Convention of London (1786)
The Convention of London, also known as the Anglo-Spanish Convention, was an agreement negotiated between the Kingdom of Great Britain and the Kingdom of Spain concerning the status of British settlements on the Mosquito Coast of Central America. It was signed on 14 July 1786.
According to the terms of the 1783 Treaty of Paris that ended the American War of Independence and included Spain as a signatory, British settlements on the "Spanish Continent" were to be evacuated, using language that was similar to that in the 1763 Treaty of Paris that ended the Seven Years' War. British settlers in the area resisted implementation of the 1783 agreement, observing (as they had after the 1763 treaty) that the Spanish had never actually controlled the area, and that it therefore did not belong to the "Spanish Continent". After both sides increased military activities in the area of the Black River Settlement, where most of the British settlers lived, it was decided to engage in further negotiations to resolve the issue.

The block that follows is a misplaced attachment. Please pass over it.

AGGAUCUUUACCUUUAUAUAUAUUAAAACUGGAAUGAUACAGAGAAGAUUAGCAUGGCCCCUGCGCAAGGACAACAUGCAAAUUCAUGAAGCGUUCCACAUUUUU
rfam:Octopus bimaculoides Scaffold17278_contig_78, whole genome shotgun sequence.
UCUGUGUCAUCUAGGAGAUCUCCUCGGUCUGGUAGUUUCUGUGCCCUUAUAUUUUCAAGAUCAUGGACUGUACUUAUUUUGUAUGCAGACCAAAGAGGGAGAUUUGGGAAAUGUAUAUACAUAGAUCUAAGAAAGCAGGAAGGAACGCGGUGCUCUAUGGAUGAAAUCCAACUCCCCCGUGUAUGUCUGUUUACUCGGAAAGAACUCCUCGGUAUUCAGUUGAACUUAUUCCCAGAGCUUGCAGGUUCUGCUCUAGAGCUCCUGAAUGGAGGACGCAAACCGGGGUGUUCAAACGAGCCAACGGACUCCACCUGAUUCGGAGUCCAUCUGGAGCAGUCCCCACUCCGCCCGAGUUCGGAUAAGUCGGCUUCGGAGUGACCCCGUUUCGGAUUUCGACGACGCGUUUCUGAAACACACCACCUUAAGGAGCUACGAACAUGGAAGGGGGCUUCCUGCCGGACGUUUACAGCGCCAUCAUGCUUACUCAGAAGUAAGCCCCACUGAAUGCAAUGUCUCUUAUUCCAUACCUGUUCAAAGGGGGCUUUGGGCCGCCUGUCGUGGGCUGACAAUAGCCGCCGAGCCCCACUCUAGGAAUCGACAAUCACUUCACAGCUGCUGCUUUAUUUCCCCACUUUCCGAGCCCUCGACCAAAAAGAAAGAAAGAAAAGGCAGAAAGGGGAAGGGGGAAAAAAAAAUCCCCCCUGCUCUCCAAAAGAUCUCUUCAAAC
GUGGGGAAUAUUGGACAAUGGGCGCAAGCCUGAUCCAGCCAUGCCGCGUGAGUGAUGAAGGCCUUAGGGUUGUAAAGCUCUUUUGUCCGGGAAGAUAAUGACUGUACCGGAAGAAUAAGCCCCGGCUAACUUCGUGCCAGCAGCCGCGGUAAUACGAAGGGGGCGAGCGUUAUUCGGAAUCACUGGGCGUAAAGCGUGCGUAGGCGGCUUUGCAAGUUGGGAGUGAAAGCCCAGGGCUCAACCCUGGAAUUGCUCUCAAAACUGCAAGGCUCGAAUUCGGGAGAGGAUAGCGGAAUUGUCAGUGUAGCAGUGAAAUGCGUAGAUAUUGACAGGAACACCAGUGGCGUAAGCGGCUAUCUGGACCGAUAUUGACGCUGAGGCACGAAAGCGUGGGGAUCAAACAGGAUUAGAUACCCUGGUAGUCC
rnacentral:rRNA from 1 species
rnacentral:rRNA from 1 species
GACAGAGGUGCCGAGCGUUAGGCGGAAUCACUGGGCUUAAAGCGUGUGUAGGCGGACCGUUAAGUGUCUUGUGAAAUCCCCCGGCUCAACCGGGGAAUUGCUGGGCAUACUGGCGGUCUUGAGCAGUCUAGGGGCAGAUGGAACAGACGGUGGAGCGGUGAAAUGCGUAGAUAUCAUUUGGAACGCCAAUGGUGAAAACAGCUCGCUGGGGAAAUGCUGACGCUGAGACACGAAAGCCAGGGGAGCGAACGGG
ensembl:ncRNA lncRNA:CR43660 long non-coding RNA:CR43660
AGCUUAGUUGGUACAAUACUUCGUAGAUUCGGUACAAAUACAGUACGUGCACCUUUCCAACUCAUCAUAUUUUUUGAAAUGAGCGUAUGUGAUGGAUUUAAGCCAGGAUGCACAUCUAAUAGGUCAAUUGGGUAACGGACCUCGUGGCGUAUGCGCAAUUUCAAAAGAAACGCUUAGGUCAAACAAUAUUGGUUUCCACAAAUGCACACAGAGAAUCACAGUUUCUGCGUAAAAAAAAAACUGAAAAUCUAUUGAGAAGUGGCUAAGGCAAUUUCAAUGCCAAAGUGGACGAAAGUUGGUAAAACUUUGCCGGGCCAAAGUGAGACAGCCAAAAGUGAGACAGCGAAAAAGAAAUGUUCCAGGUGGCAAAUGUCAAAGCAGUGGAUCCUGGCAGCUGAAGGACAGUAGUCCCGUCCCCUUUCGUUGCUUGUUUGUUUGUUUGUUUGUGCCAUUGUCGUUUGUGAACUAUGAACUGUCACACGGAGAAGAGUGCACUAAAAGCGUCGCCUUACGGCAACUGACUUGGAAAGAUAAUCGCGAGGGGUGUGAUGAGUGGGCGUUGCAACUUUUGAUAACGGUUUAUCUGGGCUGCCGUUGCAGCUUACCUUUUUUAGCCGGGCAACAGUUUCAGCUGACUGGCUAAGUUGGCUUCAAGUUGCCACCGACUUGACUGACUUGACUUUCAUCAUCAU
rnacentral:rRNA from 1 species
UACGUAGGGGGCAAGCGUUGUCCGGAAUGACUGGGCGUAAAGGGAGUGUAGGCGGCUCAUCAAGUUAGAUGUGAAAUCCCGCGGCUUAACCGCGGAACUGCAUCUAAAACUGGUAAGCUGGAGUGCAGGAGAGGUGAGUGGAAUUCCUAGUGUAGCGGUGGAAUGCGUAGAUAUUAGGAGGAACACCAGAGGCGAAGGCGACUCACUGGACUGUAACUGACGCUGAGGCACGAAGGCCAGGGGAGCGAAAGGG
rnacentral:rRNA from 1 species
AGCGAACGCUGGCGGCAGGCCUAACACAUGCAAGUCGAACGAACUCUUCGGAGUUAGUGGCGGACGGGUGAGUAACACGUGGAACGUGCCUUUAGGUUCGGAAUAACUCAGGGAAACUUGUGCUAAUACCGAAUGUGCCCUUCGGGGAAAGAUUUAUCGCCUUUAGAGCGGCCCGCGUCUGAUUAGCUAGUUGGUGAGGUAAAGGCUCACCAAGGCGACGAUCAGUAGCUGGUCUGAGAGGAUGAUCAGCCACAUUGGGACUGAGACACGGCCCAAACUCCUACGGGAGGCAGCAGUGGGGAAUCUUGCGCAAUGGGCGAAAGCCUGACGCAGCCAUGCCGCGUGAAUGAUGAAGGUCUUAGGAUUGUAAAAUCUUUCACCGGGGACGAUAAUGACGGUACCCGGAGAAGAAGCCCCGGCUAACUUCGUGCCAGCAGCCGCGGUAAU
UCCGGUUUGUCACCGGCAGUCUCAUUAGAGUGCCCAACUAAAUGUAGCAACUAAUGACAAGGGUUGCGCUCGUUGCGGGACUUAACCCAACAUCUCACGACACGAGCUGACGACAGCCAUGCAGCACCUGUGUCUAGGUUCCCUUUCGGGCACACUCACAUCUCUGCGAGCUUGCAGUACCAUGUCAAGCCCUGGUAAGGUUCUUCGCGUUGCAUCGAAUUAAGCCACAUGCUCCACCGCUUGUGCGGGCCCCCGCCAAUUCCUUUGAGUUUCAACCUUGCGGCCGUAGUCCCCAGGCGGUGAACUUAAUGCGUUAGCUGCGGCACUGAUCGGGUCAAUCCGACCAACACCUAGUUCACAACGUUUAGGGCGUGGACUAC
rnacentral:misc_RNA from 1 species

In the agreement signed 14 July 1786, Britain agreed to evacuate all British settlements from the Mosquito Coast. In exchange, Spain agreed to expand the territory available to British loggers on the Yucatan Peninsula, and allowed them to cut mahogany and other hardwoods that were increasing in value. Over the opposition of the Mosquito Coast settlers, the agreement was implemented, and the British evacuated more than 2,000 people. Most of them went to Belize, but others were relocated to Jamaica, Grand Cayman, or Roatán. Control of Black River was formally turned over to the Spanish on 29 August 1787, by the grandson of its founder, William Pitt.
- Dawson, p. 702
- Dawson, p. 706
- Black, Jeremy (1994), British foreign policy in an age of revolutions, 1783-1793, New York: Cambridge University Press, pp. 32–33, ISBN 0-521-45001-2.
- Dawson, Frank Griffith (1983), "William Pitt's Settlement at Black River on the Mosquito Shore: A Challenge to Spain in Central America, 1732-87", The Hispanic American Historical Review 63 (4): 677–706, doi:10.2307/2514901.